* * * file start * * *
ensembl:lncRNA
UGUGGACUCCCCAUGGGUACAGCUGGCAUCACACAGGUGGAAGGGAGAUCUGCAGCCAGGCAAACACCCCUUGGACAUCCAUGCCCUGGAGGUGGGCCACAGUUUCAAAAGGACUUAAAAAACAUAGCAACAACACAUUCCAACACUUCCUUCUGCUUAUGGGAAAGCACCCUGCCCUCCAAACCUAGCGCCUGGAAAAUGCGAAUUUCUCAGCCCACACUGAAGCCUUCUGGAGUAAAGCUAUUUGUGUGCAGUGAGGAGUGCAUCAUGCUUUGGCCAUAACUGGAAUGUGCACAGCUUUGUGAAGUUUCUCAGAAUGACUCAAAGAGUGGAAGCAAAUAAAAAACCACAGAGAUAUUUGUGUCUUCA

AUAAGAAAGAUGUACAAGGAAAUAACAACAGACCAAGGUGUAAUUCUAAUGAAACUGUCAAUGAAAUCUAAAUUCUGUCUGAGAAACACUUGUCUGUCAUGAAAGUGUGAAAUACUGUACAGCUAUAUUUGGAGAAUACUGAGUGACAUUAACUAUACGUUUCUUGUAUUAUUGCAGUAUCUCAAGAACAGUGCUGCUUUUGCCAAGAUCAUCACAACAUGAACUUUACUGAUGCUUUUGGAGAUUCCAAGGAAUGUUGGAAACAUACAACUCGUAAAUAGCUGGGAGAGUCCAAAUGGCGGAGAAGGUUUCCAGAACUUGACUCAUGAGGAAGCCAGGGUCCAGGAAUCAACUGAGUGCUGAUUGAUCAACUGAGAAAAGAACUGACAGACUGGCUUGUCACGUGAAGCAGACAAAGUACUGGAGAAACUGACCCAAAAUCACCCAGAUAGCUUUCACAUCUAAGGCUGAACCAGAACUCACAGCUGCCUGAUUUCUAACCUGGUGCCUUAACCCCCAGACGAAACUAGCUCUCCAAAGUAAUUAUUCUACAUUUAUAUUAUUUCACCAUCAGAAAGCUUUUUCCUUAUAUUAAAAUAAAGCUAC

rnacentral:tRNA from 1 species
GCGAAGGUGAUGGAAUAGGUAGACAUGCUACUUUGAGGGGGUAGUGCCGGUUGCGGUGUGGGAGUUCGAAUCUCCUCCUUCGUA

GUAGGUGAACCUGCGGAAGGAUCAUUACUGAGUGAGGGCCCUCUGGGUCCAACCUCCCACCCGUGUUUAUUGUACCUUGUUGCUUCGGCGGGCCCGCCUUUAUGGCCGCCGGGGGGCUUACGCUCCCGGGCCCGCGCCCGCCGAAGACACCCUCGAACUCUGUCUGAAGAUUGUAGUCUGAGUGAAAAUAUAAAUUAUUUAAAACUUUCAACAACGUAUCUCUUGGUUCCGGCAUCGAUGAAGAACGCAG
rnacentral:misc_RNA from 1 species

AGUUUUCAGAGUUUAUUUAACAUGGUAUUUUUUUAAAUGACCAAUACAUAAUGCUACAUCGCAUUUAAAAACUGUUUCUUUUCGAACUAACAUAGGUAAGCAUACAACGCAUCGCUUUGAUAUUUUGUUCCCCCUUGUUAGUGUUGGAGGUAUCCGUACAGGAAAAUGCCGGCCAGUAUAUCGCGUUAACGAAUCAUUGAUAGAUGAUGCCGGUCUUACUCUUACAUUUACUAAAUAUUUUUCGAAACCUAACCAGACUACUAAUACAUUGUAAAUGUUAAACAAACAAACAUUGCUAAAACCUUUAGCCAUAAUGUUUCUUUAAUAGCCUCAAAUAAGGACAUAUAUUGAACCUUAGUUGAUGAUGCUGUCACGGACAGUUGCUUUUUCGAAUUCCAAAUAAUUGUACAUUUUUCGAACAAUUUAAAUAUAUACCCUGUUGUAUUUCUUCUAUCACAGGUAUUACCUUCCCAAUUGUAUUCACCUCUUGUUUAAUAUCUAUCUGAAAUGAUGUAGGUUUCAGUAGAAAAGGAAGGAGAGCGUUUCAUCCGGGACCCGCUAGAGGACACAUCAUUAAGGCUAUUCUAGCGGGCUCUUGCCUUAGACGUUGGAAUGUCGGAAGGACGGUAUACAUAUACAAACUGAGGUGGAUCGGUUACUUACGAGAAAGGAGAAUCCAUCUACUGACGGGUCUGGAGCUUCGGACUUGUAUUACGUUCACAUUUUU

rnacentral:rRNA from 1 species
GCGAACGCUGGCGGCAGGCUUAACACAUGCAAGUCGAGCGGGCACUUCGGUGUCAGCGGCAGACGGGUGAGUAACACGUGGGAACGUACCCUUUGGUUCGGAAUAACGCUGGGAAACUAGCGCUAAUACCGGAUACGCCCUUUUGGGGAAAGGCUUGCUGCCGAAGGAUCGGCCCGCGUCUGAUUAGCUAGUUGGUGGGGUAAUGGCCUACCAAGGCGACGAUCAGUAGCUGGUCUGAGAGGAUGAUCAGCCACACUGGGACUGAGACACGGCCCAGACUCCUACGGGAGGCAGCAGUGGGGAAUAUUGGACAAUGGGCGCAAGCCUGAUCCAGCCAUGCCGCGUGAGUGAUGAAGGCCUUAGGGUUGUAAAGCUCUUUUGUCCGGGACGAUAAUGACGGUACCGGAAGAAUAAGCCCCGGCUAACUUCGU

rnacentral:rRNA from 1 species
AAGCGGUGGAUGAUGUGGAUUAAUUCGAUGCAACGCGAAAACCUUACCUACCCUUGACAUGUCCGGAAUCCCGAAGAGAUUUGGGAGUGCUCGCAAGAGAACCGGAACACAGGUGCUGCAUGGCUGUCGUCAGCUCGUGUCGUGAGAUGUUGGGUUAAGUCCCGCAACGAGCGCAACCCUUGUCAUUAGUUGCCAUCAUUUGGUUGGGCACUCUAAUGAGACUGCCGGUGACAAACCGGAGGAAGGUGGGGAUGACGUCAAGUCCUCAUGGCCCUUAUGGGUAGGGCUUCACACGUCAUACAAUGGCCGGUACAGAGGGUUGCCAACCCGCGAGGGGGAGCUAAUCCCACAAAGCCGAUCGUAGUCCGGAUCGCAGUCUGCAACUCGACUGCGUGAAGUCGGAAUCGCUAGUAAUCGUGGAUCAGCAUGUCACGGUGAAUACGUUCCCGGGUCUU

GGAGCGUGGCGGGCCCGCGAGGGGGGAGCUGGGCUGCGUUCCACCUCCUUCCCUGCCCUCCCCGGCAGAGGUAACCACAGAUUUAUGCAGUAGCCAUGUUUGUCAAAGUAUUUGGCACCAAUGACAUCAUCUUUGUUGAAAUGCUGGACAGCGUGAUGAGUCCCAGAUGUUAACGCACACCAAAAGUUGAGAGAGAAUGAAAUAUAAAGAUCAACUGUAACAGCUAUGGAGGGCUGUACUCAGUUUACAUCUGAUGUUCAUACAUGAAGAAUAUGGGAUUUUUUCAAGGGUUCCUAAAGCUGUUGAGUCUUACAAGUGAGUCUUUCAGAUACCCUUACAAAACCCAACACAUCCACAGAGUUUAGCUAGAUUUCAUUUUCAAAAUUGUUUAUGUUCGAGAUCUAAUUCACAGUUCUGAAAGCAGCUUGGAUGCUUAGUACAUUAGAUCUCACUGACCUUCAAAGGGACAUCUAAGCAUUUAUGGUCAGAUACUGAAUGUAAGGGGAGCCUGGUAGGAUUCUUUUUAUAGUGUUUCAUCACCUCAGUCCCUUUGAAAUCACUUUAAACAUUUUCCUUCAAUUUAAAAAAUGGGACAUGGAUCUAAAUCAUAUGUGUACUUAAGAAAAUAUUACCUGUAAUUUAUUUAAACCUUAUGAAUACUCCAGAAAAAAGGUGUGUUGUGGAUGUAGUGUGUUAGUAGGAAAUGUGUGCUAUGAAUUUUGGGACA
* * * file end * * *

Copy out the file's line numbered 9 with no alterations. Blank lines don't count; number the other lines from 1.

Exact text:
rnacentral:rRNA from 1 species